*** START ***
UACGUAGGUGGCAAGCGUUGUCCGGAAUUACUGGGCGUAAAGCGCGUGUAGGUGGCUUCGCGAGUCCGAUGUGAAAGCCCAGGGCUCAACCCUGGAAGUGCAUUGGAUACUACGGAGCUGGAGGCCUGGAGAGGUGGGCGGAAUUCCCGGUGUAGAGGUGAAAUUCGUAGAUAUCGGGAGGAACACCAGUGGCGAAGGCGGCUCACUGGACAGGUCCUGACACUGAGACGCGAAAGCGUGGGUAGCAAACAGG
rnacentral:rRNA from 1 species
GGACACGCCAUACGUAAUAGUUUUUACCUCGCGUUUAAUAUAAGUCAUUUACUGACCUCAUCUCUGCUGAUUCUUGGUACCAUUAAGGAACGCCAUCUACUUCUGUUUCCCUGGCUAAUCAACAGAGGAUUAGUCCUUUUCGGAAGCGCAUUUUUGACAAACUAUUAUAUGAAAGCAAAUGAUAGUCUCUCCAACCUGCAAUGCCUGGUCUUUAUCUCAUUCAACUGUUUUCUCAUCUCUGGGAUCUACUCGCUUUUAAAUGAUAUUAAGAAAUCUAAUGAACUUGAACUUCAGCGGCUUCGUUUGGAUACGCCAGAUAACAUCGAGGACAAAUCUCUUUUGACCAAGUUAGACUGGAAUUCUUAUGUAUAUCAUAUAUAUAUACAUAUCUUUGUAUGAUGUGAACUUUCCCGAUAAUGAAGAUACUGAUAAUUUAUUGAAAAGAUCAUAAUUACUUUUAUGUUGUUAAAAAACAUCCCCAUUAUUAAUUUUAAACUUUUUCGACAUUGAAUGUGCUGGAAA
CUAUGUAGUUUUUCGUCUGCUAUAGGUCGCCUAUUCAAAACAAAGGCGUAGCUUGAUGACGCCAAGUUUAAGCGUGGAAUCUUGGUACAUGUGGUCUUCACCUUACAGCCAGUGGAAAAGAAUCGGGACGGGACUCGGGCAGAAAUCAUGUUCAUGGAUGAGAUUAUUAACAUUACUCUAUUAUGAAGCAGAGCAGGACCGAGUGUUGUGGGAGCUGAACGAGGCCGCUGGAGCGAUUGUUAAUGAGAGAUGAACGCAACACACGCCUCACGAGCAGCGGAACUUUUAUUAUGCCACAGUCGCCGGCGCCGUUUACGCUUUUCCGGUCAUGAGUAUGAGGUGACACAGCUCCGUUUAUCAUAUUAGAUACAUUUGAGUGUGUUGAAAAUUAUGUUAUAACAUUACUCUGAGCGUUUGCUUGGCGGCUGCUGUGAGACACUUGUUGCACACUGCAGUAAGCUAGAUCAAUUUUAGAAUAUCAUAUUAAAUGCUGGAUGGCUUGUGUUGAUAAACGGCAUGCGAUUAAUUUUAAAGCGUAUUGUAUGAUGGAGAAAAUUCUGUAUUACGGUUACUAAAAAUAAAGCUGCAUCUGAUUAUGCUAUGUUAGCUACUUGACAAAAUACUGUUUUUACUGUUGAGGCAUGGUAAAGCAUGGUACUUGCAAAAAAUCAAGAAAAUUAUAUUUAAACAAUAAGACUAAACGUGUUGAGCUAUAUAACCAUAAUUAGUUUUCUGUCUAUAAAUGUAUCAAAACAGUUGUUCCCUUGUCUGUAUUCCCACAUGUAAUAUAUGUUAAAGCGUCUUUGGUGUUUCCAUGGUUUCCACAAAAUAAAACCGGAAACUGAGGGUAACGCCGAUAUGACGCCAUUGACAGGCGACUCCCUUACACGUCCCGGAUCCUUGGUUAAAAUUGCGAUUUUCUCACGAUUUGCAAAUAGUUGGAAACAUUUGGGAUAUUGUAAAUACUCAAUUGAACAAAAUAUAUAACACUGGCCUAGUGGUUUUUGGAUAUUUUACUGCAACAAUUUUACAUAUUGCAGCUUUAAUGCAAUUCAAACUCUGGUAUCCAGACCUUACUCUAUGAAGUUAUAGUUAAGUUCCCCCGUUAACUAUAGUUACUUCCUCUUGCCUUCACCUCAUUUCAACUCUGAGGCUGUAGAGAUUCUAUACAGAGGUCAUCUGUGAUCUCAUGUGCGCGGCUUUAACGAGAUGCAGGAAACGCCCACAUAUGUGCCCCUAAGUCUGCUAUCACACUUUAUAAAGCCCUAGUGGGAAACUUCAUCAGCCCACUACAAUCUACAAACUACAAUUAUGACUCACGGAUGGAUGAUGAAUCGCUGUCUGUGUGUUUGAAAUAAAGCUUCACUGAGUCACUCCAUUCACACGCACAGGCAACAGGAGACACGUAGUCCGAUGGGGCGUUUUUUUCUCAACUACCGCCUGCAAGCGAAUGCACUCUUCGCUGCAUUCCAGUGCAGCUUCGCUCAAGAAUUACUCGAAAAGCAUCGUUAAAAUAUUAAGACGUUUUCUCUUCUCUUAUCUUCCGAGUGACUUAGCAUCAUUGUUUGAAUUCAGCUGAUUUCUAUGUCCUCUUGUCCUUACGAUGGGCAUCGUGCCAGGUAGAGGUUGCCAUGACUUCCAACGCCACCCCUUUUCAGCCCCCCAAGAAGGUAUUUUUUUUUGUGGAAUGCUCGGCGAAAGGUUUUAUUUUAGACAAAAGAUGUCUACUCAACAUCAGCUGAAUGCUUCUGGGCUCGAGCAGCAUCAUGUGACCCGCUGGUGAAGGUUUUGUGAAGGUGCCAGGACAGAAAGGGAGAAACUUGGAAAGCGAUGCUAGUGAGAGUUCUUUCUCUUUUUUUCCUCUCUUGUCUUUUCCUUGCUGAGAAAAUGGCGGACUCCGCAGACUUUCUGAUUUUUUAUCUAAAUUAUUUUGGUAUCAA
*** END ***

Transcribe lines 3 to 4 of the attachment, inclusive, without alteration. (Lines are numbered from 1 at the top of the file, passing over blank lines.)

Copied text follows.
GGACACGCCAUACGUAAUAGUUUUUACCUCGCGUUUAAUAUAAGUCAUUUACUGACCUCAUCUCUGCUGAUUCUUGGUACCAUUAAGGAACGCCAUCUACUUCUGUUUCCCUGGCUAAUCAACAGAGGAUUAGUCCUUUUCGGAAGCGCAUUUUUGACAAACUAUUAUAUGAAAGCAAAUGAUAGUCUCUCCAACCUGCAAUGCCUGGUCUUUAUCUCAUUCAACUGUUUUCUCAUCUCUGGGAUCUACUCGCUUUUAAAUGAUAUUAAGAAAUCUAAUGAACUUGAACUUCAGCGGCUUCGUUUGGAUACGCCAGAUAACAUCGAGGACAAAUCUCUUUUGACCAAGUUAGACUGGAAUUCUUAUGUAUAUCAUAUAUAUAUACAUAUCUUUGUAUGAUGUGAACUUUCCCGAUAAUGAAGAUACUGAUAAUUUAUUGAAAAGAUCAUAAUUACUUUUAUGUUGUUAAAAAACAUCCCCAUUAUUAAUUUUAAACUUUUUCGACAUUGAAUGUGCUGGAAA
CUAUGUAGUUUUUCGUCUGCUAUAGGUCGCCUAUUCAAAACAAAGGCGUAGCUUGAUGACGCCAAGUUUAAGCGUGGAAUCUUGGUACAUGUGGUCUUCACCUUACAGCCAGUGGAAAAGAAUCGGGACGGGACUCGGGCAGAAAUCAUGUUCAUGGAUGAGAUUAUUAACAUUACUCUAUUAUGAAGCAGAGCAGGACCGAGUGUUGUGGGAGCUGAACGAGGCCGCUGGAGCGAUUGUUAAUGAGAGAUGAACGCAACACACGCCUCACGAGCAGCGGAACUUUUAUUAUGCCACAGUCGCCGGCGCCGUUUACGCUUUUCCGGUCAUGAGUAUGAGGUGACACAGCUCCGUUUAUCAUAUUAGAUACAUUUGAGUGUGUUGAAAAUUAUGUUAUAACAUUACUCUGAGCGUUUGCUUGGCGGCUGCUGUGAGACACUUGUUGCACACUGCAGUAAGCUAGAUCAAUUUUAGAAUAUCAUAUUAAAUGCUGGAUGGCUUGUGUUGAUAAACGGCAUGCGAUUAAUUUUAAAGCGUAUUGUAUGAUGGAGAAAAUUCUGUAUUACGGUUACUAAAAAUAAAGCUGCAUCUGAUUAUGCUAUGUUAGCUACUUGACAAAAUACUGUUUUUACUGUUGAGGCAUGGUAAAGCAUGGUACUUGCAAAAAAUCAAGAAAAUUAUAUUUAAACAAUAAGACUAAACGUGUUGAGCUAUAUAACCAUAAUUAGUUUUCUGUCUAUAAAUGUAUCAAAACAGUUGUUCCCUUGUCUGUAUUCCCACAUGUAAUAUAUGUUAAAGCGUCUUUGGUGUUUCCAUGGUUUCCACAAAAUAAAACCGGAAACUGAGGGUAACGCCGAUAUGACGCCAUUGACAGGCGACUCCCUUACACGUCCCGGAUCCUUGGUUAAAAUUGCGAUUUUCUCACGAUUUGCAAAUAGUUGGAAACAUUUGGGAUAUUGUAAAUACUCAAUUGAACAAAAUAUAUAACACUGGCCUAGUGGUUUUUGGAUAUUUUACUGCAACAAUUUUACAUAUUGCAGCUUUAAUGCAAUUCAAACUCUGGUAUCCAGACCUUACUCUAUGAAGUUAUAGUUAAGUUCCCCCGUUAACUAUAGUUACUUCCUCUUGCCUUCACCUCAUUUCAACUCUGAGGCUGUAGAGAUUCUAUACAGAGGUCAUCUGUGAUCUCAUGUGCGCGGCUUUAACGAGAUGCAGGAAACGCCCACAUAUGUGCCCCUAAGUCUGCUAUCACACUUUAUAAAGCCCUAGUGGGAAACUUCAUCAGCCCACUACAAUCUACAAACUACAAUUAUGACUCACGGAUGGAUGAUGAAUCGCUGUCUGUGUGUUUGAAAUAAAGCUUCACUGAGUCACUCCAUUCACACGCACAGGCAACAGGAGACACGUAGUCCGAUGGGGCGUUUUUUUCUCAACUACCGCCUGCAAGCGAAUGCACUCUUCGCUGCAUUCCAGUGCAGCUUCGCUCAAGAAUUACUCGAAAAGCAUCGUUAAAAUAUUAAGACGUUUUCUCUUCUCUUAUCUUCCGAGUGACUUAGCAUCAUUGUUUGAAUUCAGCUGAUUUCUAUGUCCUCUUGUCCUUACGAUGGGCAUCGUGCCAGGUAGAGGUUGCCAUGACUUCCAACGCCACCCCUUUUCAGCCCCCCAAGAAGGUAUUUUUUUUUGUGGAAUGCUCGGCGAAAGGUUUUAUUUUAGACAAAAGAUGUCUACUCAACAUCAGCUGAAUGCUUCUGGGCUCGAGCAGCAUCAUGUGACCCGCUGGUGAAGGUUUUGUGAAGGUGCCAGGACAGAAAGGGAGAAACUUGGAAAGCGAUGCUAGUGAGAGUUCUUUCUCUUUUUUUCCUCUCUUGUCUUUUCCUUGCUGAGAAAAUGGCGGACUCCGCAGACUUUCUGAUUUUUUAUCUAAAUUAUUUUGGUAUCAA